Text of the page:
Yu Huang

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Chinese painting of Yu Huang, the Jade Emperor and his retinue. Artist unknown.

Yu Huang, also known as Yu Di or The Jade Emperor, is the supreme ruler of the celestial court or realm of the gods in Taoism and Chinese folk culture. As the central deity in charge of the three realms -- heaven, earth, and the underworld -- he presides over the court of deities and others deemed spiritually worthy of holding a court position. He delegates responsibilities, such as command over health, wealth, scolarly endeavors, and love, to the members of his cabinet and he arbitrates disputes between the deities. He is rarely petitioned for direct intervention; instead, pleas are submitted through his respectively delegated deities. Due to his prominence in Chinese folk stories and practices, he is known by many names and has multiple origin stories. Three yearly holidays are associated the Jade Emperor. According to the Chinese lunar calendar his birthday falls on the 9th day of the first lunar month in late Winter, the anniversary of his ascension to the throne is celebrated on the 6th day of the eleventh lunar month in late Autumn, and his annual inspection of his domains takes place on the 25th day of the twelfth lunar month, in Winter.

In popular Taoist belief the Jade Emperor began his existence in a Chinese royal family after the elderly and childless king and queen prayed intensely for an heir. In the queen's dreams she was visited by Taishang Daojun, one of the Three Pure Ones, of whom Lao Tse is a manifestation, and he brought her a baby. Thus, Yu Huang started life as an ordinary immortal who dedicated himself to helping ease humanity's suffering. Unhappy with his limited abilities, however, he undertook an intense series of 3,200 kalpas, or trials, which lasted 327 million years, to cultivate his Tao -- a code of behavior that harmonizes with natural order -- in order to better the world for humanity and to become a Golden Immortal. Emerging from his meditative seclusion upon the completion of these trials, he witnessed an evil glow emanating from the heavens, created by a dark entity who was warring with the gods. Due to his training, Yu Huang was able to defeat this demon, who had conquered the entire combined pantheon of gods, and he was proclaimed the supreme sovereign, receiving the title of Jade Emperor. In the classic 16th century Chinese novel, "Xiyouji" ("The Journey to the West"), which contains elements of Taoist, Buddhist, and indigenous Chinese folk tales, The Jade Emperor commands a powerful spirit army able to destroy anything in its path. He is married to Xiwangmu, the Queen Mother of the West, and rules heaven, but he delegates dominion of the underworld to Yama, the Buddhist King of Death.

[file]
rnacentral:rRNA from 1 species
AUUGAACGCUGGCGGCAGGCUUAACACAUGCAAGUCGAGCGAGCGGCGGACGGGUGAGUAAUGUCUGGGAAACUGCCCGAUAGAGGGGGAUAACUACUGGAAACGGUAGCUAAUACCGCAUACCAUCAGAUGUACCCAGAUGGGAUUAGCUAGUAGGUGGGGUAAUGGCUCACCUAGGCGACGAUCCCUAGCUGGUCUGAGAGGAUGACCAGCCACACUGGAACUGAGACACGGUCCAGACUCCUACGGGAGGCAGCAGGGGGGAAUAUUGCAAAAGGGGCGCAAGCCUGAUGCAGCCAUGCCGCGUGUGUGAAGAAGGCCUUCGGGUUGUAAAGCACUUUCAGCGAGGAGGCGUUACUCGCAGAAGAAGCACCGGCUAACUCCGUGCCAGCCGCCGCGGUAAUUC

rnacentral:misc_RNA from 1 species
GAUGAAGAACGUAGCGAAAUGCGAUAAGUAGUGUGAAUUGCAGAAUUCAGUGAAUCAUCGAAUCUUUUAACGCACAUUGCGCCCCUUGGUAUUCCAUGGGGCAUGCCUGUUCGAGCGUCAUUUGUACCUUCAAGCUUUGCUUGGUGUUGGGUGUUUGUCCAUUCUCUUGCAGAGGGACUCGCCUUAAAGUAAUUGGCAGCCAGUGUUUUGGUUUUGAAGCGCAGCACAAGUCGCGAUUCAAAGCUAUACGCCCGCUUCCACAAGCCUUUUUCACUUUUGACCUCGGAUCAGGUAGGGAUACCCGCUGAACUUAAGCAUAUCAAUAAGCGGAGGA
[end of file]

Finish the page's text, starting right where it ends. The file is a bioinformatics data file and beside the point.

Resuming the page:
Yu Huang is generally depicted as a bearded official seated on a throne, whose attendants and courtiers surround him. Before his chest he clasps a narrow jade tablet, on which may be engraved the stellar constellation Shen ("Three"), also known as the Belt of Orion. Feasts are customarily laid out on his birthday and his ascension by creating a three-layered altar at the front entrance to the courtyard or home and adorning it with lanterns or candles and incense. The top layer of the altar holds six vegetable offerings, noodles, cakes, and other foodstuffs, as well as paper lanterns and another offering of two whole sugar canes with leaves intact. The lower two layers of the altar hold five sacrifices and wines honoring the rest of the Taoist pantheon. Household members kneel three times and prostrate nine times before the altar to wish the Jade Emperor a long life. On the 25th day of the twelfth lunar month, in Winter, Yu Huang descends to the lower realms to inspect and pass judgement on his subjects, rewarding the good and punishing the evil according to the annual reports made by Zao Jun, the Stove or Kitchen God, who lives with each family throughout the year, watching their every activity. It is common practice on this day to set up incense tables and place offerings for Yu Huang's arrival. A second ritual associated with this day involves bribing the Kitchen god with sweets to keep his mouth shut.


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